What to Know About a Power of Attorney Agreement

In a previous newsletter we pointed out the glaring fact that less than 55% of Canadians have a valid Will, and an even smaller percentage have a Representation Agreement and Power of Attorney.

A common misunderstanding is that POAs are only for seniors, but this is inaccurate as a POA is a solid financial tool that any adult can benefit from.

What exactly is a POA?

The term Power of Attorney (POA) refers to a legal authorization that gives a designated person the power to act for someone else. This gives the agent/attorney (the person receiving the authorization) the legal ability to act on behalf of the principal/donor (person granting the authority), either in a broad or a limited capacity, to make decisions about the principal’s property, finances and investments.

There are two main types of POAs in B.C. –  General (also called an ordinary) power of attorney or Enduring power of attorney, both of which provide the attorney-in-fact with specific or limited powers related to your finances. 

What is the difference between a General and an Enduring POA?

A General POA only gives the authority while the principal/donor is alive and not incapacitated.

  • Typically used to grant special powers regarding finances such as the paying of bills for a set period of time. An example would be granting POA to a child or sibling while travelling abroad for an extended period of time.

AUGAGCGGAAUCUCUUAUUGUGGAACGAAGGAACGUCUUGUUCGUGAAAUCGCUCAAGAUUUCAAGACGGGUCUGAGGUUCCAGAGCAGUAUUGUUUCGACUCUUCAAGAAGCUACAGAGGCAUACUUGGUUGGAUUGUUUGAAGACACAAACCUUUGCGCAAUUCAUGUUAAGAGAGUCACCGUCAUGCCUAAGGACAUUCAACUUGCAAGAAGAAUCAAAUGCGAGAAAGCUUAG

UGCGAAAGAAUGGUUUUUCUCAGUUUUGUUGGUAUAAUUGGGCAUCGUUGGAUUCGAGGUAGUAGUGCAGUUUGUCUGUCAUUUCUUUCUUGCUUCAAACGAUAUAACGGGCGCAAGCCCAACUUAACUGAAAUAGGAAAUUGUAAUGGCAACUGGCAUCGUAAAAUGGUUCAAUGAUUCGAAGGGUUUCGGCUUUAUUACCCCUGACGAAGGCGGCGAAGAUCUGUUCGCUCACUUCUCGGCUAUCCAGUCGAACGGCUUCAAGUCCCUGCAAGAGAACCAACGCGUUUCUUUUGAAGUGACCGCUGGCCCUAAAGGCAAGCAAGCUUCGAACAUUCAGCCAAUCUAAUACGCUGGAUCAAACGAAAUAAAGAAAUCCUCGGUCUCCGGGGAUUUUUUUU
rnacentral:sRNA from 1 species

• The POA can be revoked at any time, or it can expire on a set date such as a return from a trip abroad.

An Enduring POA allows the agent/attorney the power to make decisions on your behalf if you are medically incapable of doing so. This gives your attorney the authorization to perform any acts you would be able to do, except make or amend a Will.

  • Particularly useful for unexpected life changing medical events such as a stroke, or a car accident, or a debilitating mental illness such as dementia or Alzheimer’s.
  • Once a legal authority has deemed the principal/donor mentally incapacitated, it can not be revoked by the individual.
  • An Enduring POA can also be drafted to come into effect immediately, on a set date, or upon a medical diagnosis of being mentally incapacitated. 

What are the main duties of someone acting as a POA?

  • The most important duty is that the designated person works in the best interests of the donor with honesty and integrity. Thus, it is very important to grant POA authorization to someone you trust.
  • As many decisions will involve financial transactions it is important that the agent work within provincial laws and above all, that they keep accurate asset records belonging to the donor separate from their own assets.
  • A POA who is financially well versed and themselves solvent is desirable as some financial decisions may be complicated.
  • The agent has the authority to use other professionals, such as an accountant or a lawyer, to assist with their duties. A common example is hiring a tax professional for income tax preparations and filing a return for the donor.

Must a lawyer or notary be used to draft a POA?

As with everything in life you get what you pay for. Online fillable kits & forms exist from the LawDepot and Staples, but there is a risk is that the forms may not be completed properly and are thus invalid.

My own opinion is that having a lawyer or notary specializing in estate planning is a more suitable option. Most lawyers and notaries will bundle a package which includes a Will, POA and Representation Agreement for a manageable fee and I believe the money is well spent.